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Allen, C. (1935). Introjection in Schizophrenia. Psychoanal. Rev., 22(2):121-137.

(1935). Psychoanalytic Review, 22(2):121-137

Introjection in Schizophrenia

Clifford Allen, M.D., (LOND.), D.P.M.

Although projection has been studied somewhat exhaustively its counterpart, introjection, has not aroused the same amount of interest.

Freud (1) has pointed out the immense importance of this mechanism in melancholia and Menninger (2) holds that suicide is dependent upon it. Menninger states, “It is almost axiomatic in psychoanalysis that an object of love and hate which is lost or escapes beyond the reach of the ego can be regained and retained by the process of introjection with displacement of the emotions appropriate to the original object on to the introverted object, that is the person within the person.”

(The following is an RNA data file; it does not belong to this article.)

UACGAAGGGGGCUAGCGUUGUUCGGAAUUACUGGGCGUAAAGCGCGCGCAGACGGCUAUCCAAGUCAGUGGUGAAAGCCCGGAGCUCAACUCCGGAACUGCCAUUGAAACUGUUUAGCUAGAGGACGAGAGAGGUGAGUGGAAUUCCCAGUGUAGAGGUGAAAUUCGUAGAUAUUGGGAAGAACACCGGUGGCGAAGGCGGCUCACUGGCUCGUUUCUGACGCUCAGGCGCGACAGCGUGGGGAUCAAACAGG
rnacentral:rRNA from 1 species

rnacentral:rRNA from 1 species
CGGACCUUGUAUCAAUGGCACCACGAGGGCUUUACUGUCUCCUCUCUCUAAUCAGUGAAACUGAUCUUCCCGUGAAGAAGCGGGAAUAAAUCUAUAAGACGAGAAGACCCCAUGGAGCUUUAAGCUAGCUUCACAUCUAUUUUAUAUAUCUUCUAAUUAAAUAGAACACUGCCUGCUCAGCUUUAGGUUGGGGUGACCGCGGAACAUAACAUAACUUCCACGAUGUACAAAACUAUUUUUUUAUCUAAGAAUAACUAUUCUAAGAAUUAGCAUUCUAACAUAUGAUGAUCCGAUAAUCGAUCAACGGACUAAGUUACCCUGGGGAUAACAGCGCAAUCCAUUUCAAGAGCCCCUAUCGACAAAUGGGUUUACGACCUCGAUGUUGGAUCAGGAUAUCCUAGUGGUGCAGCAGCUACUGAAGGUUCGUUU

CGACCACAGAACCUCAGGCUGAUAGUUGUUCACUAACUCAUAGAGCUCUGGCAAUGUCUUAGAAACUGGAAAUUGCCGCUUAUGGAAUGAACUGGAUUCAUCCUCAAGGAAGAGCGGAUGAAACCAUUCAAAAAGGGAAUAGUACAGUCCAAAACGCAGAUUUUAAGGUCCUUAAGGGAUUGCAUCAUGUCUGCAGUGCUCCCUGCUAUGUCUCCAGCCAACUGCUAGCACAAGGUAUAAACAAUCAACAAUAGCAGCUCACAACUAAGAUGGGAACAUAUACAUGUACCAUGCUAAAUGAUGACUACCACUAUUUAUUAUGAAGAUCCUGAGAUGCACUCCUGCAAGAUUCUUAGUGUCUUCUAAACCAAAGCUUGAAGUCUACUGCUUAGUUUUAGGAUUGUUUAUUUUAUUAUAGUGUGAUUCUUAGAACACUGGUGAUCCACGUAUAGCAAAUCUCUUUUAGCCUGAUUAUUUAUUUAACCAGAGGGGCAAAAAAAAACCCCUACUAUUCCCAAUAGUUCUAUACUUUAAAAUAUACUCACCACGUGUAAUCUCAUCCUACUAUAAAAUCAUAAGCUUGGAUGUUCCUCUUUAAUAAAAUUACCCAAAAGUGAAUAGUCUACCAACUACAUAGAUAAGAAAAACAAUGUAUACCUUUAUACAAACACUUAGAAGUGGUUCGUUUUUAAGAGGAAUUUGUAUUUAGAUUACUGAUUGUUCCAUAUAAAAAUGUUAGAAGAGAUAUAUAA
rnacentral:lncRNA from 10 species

Introjection is usually considered the mechanism par excellence of melancholia. The person introjected having been both loved and hated explains why the melancholic directs abuse against himself. In directing the abuse towards himself he is abusing the person he has introjected and so personally assumes the sins which he feels are now his own.

Although projection is usually considered the most important mechanism in schizophrenia the writer would point out the great importance of introjection in this disease. The cases recorded below are so obvious that only the most prejudiced will deny the presence of this reaction.

The reason why introjection is not observed so easily as projection is that introjection is frequently concealed by the presence of a secondary projection. This occurs in the following way: A man, for instance, introjects the personality of his mother. He begins to feel feminine and thinks that people are commenting on him. Soon he hears people saying that he is a woman and builds up delusions that there is a plot against him.

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